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The Boys of Blue and Gray by Chris James


dude

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I faced this story, contributed by Chris James, with trepidation. The Civil War in the United States was a period of unbearable tragedy that thinking about even now brings me sadness. The incredible and needless loss of life of men and boys on both sides was so sad that I try to avoid reading about it even now.

I did, however, without pre-reading it, post The Boys of Blue and Gray as a completed novel at AwesomeDude. Reading Chapter One from the site on Saturday morning seemed to confirm my worst fears but I kept reading - ready at any moment to bail if it became overwhelming.

After finishing the story which -thanks to Chris's agreement to forego the usual serial treatment- can be done at one or two long sittings, I am so glad I stuck with it and now recognize it as one of the best stories Chris has written.

I hope you agree and I thank Chris for sharing it with us at AwesomeDude.

Mike

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It's beautifully crafted. As a Brit it's difficult, maybe inappropriate even, to try to identify with what the Civil War means to Americans... but we have some parallels... the sixteen year old shot at dawn for cowardice in WW1, the bomber crews in WW2 the majority of whom were teenagers. I think we underestimate the innocent attraction war has for youngsters, the courage they are capable of and the damage that the reality of war can do to the unformed mind. Chris evokes all three beautifully. Like others... I just hope I have the grit to finish it. Well done.

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Knowing the quality of Chris' writing, I did not hesitate to read this one, even though the Civil War is not a topic of major interest to me. Actually, I read a lot of historical novels when I was much younger, and remember John Jake's serializations quite well. As with Jake's novels, Chris researched his material well and interjected real characters to anchor the story solidly. BTW, this isn't just a Civil War story - if anything it reminds me more of Dances with Wolves. The Civil War serves as a backdrop for an epic adventure that takes the reader from coast to coast. I'm not going to say anything more than that for now. If I've peaked your curiosity, then read Blue and Gray. You won't be disappointed.

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  • 3 years later...

Step aside Jeff Shaara, Michael Shaara and Shelby Foote. There's a new American Civil War author in town!

Wow!

This story is a phenomenal accomplishment that puts the humanity back into the heroic tales of the second half of America's nineteenth century. From rural life to civil war to wagon trains to the undying call of "Go west, young man, go west!" Chris gives us a taste of just what real life was like.

His characters are a tremendous collage of real people. The struggles they each must face give a beautiful view into what life was like at the time and the challenges and opportunities that people had to endure. It gives a human face to the costs and rewards that were a part of the process.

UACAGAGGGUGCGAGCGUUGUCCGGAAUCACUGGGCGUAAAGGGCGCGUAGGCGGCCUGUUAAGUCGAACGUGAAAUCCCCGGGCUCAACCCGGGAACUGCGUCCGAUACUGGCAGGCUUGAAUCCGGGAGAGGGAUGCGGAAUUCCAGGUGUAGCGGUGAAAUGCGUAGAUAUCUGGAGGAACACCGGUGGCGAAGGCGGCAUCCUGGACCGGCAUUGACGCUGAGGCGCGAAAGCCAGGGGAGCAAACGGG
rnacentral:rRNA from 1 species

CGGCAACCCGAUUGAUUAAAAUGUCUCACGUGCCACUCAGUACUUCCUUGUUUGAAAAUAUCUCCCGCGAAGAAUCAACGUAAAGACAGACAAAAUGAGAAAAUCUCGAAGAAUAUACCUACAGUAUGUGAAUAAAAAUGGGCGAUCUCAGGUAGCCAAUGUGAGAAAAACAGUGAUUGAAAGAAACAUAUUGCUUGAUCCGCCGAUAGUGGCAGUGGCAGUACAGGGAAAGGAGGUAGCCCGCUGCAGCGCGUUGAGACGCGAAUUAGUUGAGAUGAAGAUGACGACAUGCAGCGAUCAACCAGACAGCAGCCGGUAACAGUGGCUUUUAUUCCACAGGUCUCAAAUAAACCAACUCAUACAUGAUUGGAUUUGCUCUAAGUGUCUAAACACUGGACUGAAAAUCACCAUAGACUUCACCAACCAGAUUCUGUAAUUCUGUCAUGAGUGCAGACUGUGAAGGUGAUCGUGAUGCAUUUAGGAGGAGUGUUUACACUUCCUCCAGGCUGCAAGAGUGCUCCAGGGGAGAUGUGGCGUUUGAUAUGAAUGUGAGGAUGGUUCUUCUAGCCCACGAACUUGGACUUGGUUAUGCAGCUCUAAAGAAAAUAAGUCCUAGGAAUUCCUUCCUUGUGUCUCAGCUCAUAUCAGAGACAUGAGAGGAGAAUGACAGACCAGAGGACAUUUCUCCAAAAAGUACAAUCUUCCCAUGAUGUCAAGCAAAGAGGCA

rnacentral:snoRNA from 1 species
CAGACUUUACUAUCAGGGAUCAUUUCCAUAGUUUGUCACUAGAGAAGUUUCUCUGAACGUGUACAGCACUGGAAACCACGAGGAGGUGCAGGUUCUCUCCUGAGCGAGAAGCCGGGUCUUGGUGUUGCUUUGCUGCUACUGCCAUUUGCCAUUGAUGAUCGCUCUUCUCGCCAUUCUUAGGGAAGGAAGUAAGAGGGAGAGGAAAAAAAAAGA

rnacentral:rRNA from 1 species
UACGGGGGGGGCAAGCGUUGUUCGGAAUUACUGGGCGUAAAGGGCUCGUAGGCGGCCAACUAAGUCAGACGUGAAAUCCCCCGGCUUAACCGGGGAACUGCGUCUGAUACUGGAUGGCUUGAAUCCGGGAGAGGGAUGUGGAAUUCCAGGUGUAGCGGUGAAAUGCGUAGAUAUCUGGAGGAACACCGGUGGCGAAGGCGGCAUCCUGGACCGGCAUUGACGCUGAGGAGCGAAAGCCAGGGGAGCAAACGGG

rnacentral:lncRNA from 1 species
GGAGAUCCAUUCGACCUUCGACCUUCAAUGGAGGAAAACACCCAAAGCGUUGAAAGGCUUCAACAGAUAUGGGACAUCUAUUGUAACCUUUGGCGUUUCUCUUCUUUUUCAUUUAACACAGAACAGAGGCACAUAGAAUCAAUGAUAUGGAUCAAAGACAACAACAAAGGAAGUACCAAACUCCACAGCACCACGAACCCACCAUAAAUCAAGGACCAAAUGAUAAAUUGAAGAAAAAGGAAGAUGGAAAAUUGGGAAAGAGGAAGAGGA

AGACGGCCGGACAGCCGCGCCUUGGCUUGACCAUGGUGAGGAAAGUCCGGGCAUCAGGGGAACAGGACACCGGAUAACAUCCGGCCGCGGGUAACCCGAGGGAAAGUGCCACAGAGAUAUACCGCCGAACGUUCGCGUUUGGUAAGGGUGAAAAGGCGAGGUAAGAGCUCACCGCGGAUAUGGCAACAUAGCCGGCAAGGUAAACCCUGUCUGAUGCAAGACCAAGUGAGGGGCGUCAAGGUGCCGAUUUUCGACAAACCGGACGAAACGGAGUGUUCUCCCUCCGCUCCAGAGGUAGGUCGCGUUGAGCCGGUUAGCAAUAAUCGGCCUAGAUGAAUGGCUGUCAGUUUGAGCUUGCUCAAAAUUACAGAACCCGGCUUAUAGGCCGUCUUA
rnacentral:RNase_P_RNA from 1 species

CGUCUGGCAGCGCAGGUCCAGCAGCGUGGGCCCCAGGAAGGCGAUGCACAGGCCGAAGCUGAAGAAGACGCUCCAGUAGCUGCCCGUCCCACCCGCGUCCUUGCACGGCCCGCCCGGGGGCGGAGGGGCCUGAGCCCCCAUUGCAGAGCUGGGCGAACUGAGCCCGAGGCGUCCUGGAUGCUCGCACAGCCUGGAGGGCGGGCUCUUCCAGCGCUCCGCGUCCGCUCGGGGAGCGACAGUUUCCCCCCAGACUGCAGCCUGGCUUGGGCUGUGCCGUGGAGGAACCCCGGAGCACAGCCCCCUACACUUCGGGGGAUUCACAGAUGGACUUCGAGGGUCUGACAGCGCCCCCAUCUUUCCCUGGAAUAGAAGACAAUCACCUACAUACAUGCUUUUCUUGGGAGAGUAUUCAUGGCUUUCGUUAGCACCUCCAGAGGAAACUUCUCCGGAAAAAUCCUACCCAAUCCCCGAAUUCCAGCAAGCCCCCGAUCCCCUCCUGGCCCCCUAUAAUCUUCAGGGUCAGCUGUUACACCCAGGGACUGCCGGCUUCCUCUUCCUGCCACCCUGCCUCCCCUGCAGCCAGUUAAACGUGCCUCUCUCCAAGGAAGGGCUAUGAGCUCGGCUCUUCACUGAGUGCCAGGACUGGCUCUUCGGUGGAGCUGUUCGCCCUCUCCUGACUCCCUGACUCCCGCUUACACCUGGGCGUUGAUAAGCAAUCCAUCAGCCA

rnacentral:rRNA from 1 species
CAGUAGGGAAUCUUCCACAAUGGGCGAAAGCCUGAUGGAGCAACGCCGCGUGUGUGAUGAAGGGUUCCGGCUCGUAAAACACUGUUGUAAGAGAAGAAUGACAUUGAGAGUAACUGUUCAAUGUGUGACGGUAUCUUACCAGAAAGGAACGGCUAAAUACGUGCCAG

It's obvious that this was no slap-dash writing exercise. Chris has done his homework and researched things as they were. Yes, I even looked up who was the mayor of Sacramento. Chris nailed it! And I'm not sure if it's the same place, but my high school senior ball was in the Sir Francis Drake Hotel off Union Square. And I read the last chapter with Mozart's Adagio for Violin playing in the background.

This is truly fictional history at its best. Thank you ever so much for it!

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ChrisR, my thanks to you for pulling this story back into the present discussion. I did a lot of research reading before beginning to write and the notes I took were extensive. In some ways it makes me wonder why the story was only twelve chapters long, it could have been triple that. But condensing my thoughts allowed the pace of the story to move right along and I considered that more important.

The research built the fictional characters while revealing the activities of the real life people added the credibility I wanted. The politicians and artists of that time period were huge characters and their lives filled with moments worth repeating. Any biographical material I read could have been embellished to give them an importance undeserved but I chose to use it when it came up in the research. So who knows if what I presented is the absolute truth, but I did try to use more than one source.

I gave the links to several of my research sources at the end of the final chapter, and if you have the time those sites will open up a whole world of personal diaries and accounts of westward travel in the 1800's. My last trip from east to west coast took most of a week, but then I was in no hurry. Just imagine the weeks and months of travel time by wagon and how hard the work. You have to respect the pioneer families, and just reading their diaries made me realize a lot of them had no idea how hard it was going to be.

But I loved the characters in this story, all of them, and I think they stand out to give you their best. In truth, I have been searching for another vehicle like this story to write something grand once again. It won't be the Civil War, but there are so many American moments to wrap around a good group of characters. One day....

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